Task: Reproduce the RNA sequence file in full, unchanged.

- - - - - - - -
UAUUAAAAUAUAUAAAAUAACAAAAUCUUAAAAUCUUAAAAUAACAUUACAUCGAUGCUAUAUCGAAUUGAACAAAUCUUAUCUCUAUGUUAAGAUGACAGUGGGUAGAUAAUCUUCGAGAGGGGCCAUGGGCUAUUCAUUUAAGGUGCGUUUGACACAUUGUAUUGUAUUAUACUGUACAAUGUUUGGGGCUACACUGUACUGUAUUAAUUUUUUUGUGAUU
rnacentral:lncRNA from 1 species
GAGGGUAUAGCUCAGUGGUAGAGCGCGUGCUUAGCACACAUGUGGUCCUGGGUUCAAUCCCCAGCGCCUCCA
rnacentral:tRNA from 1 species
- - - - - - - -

UAUUAAAAUAUAUAAAAUAACAAAAUCUUAAAAUCUUAAAAUAACAUUACAUCGAUGCUAUAUCGAAUUGAACAAAUCUUAUCUCUAUGUUAAGAUGACAGUGGGUAGAUAAUCUUCGAGAGGGGCCAUGGGCUAUUCAUUUAAGGUGCGUUUGACACAUUGUAUUGUAUUAUACUGUACAAUGUUUGGGGCUACACUGUACUGUAUUAAUUUUUUUGUGAUU
rnacentral:lncRNA from 1 species
GAGGGUAUAGCUCAGUGGUAGAGCGCGUGCUUAGCACACAUGUGGUCCUGGGUUCAAUCCCCAGCGCCUCCA
rnacentral:tRNA from 1 species